Research NewsPhysics

High-Temperature Mystery Heats Up

Science  12 Dec 1997:
Vol. 278, Issue 5345, pp. 1879-1881
DOI: 10.1126/science.278.5345.1879

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Summary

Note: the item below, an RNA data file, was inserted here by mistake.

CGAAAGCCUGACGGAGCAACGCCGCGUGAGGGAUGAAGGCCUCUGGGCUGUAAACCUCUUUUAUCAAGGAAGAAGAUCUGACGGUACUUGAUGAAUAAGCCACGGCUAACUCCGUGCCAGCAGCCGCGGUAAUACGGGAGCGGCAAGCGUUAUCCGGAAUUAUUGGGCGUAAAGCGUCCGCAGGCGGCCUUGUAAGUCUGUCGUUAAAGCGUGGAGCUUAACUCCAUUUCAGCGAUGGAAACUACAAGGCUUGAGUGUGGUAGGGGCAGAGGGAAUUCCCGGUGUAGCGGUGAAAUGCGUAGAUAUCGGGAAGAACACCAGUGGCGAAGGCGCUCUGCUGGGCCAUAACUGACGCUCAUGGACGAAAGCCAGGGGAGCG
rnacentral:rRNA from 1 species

High-temperature superconductors are complex and brittle ceramics that can conduct electrons without the least bit of electrical friction if they are chilled to temperatures of about 175 degrees below freezing--positively balmy compared to the frigid conditions that metals require to perform this feat. But heat one up a bit, and the physics gets downright strange: Their electrical and magnetic properties no longer resemble those of metals, other ceramics, or any other known materials. In this so-called normal state, these copper-oxide-based materials, known as cuprates, behave like good metallic conductors in some ways, while in others like nonconducting insulators. The eventual theory of these materials will have to explain this strangeness.

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